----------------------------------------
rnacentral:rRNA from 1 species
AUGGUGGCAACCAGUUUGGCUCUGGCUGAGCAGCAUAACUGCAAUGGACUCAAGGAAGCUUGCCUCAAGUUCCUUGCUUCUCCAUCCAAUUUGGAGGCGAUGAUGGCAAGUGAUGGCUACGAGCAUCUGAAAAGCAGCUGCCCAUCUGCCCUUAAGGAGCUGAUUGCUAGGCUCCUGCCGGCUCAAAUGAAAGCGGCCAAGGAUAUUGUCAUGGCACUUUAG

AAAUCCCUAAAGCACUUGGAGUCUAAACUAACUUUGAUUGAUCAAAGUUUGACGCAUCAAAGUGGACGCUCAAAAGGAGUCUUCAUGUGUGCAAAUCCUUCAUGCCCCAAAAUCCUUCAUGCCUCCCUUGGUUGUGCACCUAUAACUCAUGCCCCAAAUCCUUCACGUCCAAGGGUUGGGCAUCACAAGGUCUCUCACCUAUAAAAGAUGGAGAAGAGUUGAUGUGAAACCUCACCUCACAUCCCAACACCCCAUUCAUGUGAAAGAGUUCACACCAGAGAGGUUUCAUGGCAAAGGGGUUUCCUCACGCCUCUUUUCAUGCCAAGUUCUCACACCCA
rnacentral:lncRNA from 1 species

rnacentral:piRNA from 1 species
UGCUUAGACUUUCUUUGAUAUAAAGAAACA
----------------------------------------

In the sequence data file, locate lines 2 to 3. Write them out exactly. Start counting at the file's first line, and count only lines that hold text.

AUGGUGGCAACCAGUUUGGCUCUGGCUGAGCAGCAUAACUGCAAUGGACUCAAGGAAGCUUGCCUCAAGUUCCUUGCUUCUCCAUCCAAUUUGGAGGCGAUGAUGGCAAGUGAUGGCUACGAGCAUCUGAAAAGCAGCUGCCCAUCUGCCCUUAAGGAGCUGAUUGCUAGGCUCCUGCCGGCUCAAAUGAAAGCGGCCAAGGAUAUUGUCAUGGCACUUUAG

AAAUCCCUAAAGCACUUGGAGUCUAAACUAACUUUGAUUGAUCAAAGUUUGACGCAUCAAAGUGGACGCUCAAAAGGAGUCUUCAUGUGUGCAAAUCCUUCAUGCCCCAAAAUCCUUCAUGCCUCCCUUGGUUGUGCACCUAUAACUCAUGCCCCAAAUCCUUCACGUCCAAGGGUUGGGCAUCACAAGGUCUCUCACCUAUAAAAGAUGGAGAAGAGUUGAUGUGAAACCUCACCUCACAUCCCAACACCCCAUUCAUGUGAAAGAGUUCACACCAGAGAGGUUUCAUGGCAAAGGGGUUUCCUCACGCCUCUUUUCAUGCCAAGUUCUCACACCCA